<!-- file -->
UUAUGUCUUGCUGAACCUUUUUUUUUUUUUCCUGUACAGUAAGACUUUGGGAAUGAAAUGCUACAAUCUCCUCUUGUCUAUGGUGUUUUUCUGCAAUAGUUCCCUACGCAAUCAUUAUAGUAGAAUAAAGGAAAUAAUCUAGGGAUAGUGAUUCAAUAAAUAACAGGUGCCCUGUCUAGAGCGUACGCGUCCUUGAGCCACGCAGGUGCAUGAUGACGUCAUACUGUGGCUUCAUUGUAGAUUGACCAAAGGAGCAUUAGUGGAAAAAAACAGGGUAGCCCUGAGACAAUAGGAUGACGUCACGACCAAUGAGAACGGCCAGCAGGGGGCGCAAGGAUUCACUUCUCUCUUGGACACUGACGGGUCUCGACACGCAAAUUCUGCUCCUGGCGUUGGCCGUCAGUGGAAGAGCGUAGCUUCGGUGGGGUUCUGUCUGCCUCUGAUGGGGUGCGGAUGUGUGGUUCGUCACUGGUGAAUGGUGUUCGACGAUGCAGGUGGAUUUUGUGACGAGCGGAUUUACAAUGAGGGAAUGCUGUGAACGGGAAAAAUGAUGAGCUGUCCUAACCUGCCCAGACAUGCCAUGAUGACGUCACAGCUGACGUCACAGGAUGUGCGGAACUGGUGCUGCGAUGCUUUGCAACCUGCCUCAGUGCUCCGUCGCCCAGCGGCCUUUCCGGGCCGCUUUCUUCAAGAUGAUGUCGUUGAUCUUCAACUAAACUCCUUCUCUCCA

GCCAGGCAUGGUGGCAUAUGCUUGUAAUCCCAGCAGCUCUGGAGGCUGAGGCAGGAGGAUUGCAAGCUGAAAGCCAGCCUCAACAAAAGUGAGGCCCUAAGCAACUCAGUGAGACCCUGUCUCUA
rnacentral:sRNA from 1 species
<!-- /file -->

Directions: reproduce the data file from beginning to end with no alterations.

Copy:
UUAUGUCUUGCUGAACCUUUUUUUUUUUUUCCUGUACAGUAAGACUUUGGGAAUGAAAUGCUACAAUCUCCUCUUGUCUAUGGUGUUUUUCUGCAAUAGUUCCCUACGCAAUCAUUAUAGUAGAAUAAAGGAAAUAAUCUAGGGAUAGUGAUUCAAUAAAUAACAGGUGCCCUGUCUAGAGCGUACGCGUCCUUGAGCCACGCAGGUGCAUGAUGACGUCAUACUGUGGCUUCAUUGUAGAUUGACCAAAGGAGCAUUAGUGGAAAAAAACAGGGUAGCCCUGAGACAAUAGGAUGACGUCACGACCAAUGAGAACGGCCAGCAGGGGGCGCAAGGAUUCACUUCUCUCUUGGACACUGACGGGUCUCGACACGCAAAUUCUGCUCCUGGCGUUGGCCGUCAGUGGAAGAGCGUAGCUUCGGUGGGGUUCUGUCUGCCUCUGAUGGGGUGCGGAUGUGUGGUUCGUCACUGGUGAAUGGUGUUCGACGAUGCAGGUGGAUUUUGUGACGAGCGGAUUUACAAUGAGGGAAUGCUGUGAACGGGAAAAAUGAUGAGCUGUCCUAACCUGCCCAGACAUGCCAUGAUGACGUCACAGCUGACGUCACAGGAUGUGCGGAACUGGUGCUGCGAUGCUUUGCAACCUGCCUCAGUGCUCCGUCGCCCAGCGGCCUUUCCGGGCCGCUUUCUUCAAGAUGAUGUCGUUGAUCUUCAACUAAACUCCUUCUCUCCA

GCCAGGCAUGGUGGCAUAUGCUUGUAAUCCCAGCAGCUCUGGAGGCUGAGGCAGGAGGAUUGCAAGCUGAAAGCCAGCCUCAACAAAAGUGAGGCCCUAAGCAACUCAGUGAGACCCUGUCUCUA
rnacentral:sRNA from 1 species